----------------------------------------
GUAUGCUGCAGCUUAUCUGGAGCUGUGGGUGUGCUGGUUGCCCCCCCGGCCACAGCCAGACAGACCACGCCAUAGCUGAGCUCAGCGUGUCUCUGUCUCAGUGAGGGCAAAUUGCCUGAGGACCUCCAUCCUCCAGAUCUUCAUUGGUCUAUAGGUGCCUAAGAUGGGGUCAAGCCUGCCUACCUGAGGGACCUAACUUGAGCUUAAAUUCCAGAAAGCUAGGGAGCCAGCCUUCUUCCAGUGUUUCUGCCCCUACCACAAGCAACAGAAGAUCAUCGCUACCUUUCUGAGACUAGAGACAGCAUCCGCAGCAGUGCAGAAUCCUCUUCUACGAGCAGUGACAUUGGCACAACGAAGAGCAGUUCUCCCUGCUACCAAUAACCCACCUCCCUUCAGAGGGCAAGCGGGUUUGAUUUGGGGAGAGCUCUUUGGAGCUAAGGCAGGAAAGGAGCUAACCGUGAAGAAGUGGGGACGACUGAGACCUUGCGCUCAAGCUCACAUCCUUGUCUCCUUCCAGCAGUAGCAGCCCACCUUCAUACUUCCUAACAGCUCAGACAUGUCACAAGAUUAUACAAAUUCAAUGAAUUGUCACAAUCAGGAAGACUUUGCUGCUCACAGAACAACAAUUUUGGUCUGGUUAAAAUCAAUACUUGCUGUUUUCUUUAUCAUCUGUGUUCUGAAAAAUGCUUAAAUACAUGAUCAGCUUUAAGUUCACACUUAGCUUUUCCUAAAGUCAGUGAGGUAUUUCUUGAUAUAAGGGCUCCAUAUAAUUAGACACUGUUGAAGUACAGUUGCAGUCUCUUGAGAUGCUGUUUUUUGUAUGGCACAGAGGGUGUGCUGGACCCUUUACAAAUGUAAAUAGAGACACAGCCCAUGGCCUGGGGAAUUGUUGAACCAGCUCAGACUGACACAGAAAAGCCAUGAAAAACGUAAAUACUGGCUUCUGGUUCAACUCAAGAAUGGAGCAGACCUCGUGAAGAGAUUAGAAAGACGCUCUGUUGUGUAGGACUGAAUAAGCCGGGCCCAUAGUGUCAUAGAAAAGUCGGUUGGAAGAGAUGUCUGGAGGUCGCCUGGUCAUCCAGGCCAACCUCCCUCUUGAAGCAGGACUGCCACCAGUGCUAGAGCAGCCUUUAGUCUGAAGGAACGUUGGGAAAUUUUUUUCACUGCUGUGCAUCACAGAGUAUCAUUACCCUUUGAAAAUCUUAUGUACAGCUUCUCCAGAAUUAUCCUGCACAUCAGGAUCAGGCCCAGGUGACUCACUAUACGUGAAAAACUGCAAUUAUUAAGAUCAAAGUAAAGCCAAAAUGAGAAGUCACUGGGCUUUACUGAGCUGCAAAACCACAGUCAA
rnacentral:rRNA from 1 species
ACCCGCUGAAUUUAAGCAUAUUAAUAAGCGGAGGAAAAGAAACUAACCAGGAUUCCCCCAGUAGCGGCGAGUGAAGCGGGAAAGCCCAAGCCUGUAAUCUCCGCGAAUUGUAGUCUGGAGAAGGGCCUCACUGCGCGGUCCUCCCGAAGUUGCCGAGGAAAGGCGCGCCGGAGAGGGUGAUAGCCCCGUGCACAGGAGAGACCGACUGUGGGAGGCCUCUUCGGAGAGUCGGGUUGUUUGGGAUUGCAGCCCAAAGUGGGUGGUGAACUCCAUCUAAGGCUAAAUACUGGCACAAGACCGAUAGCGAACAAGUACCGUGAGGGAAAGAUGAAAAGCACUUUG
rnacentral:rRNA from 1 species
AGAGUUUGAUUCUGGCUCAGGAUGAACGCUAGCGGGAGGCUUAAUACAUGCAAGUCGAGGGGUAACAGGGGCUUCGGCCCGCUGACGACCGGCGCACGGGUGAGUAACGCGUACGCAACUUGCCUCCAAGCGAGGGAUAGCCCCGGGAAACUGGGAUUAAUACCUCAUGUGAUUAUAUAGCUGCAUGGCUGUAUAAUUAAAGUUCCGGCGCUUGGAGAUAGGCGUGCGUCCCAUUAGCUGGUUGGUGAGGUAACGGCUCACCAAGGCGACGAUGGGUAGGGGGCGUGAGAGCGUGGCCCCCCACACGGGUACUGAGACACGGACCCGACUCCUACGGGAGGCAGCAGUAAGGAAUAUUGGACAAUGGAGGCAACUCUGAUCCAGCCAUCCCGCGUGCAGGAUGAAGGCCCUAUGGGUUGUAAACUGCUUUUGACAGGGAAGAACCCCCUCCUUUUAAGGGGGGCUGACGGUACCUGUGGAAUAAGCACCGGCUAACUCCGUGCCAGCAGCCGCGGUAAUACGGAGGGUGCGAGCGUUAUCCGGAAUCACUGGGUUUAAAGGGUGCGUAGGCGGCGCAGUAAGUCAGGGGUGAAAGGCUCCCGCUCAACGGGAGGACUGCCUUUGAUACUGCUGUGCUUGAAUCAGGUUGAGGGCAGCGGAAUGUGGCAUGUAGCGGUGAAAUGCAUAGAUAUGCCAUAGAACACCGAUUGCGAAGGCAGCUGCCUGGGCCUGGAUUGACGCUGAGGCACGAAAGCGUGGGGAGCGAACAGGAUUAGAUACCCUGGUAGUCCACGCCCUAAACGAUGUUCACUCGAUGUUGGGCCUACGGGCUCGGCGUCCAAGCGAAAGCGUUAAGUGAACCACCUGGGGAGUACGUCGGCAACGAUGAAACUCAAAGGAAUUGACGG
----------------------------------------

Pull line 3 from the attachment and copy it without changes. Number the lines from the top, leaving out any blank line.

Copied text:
ACCCGCUGAAUUUAAGCAUAUUAAUAAGCGGAGGAAAAGAAACUAACCAGGAUUCCCCCAGUAGCGGCGAGUGAAGCGGGAAAGCCCAAGCCUGUAAUCUCCGCGAAUUGUAGUCUGGAGAAGGGCCUCACUGCGCGGUCCUCCCGAAGUUGCCGAGGAAAGGCGCGCCGGAGAGGGUGAUAGCCCCGUGCACAGGAGAGACCGACUGUGGGAGGCCUCUUCGGAGAGUCGGGUUGUUUGGGAUUGCAGCCCAAAGUGGGUGGUGAACUCCAUCUAAGGCUAAAUACUGGCACAAGACCGAUAGCGAACAAGUACCGUGAGGGAAAGAUGAAAAGCACUUUG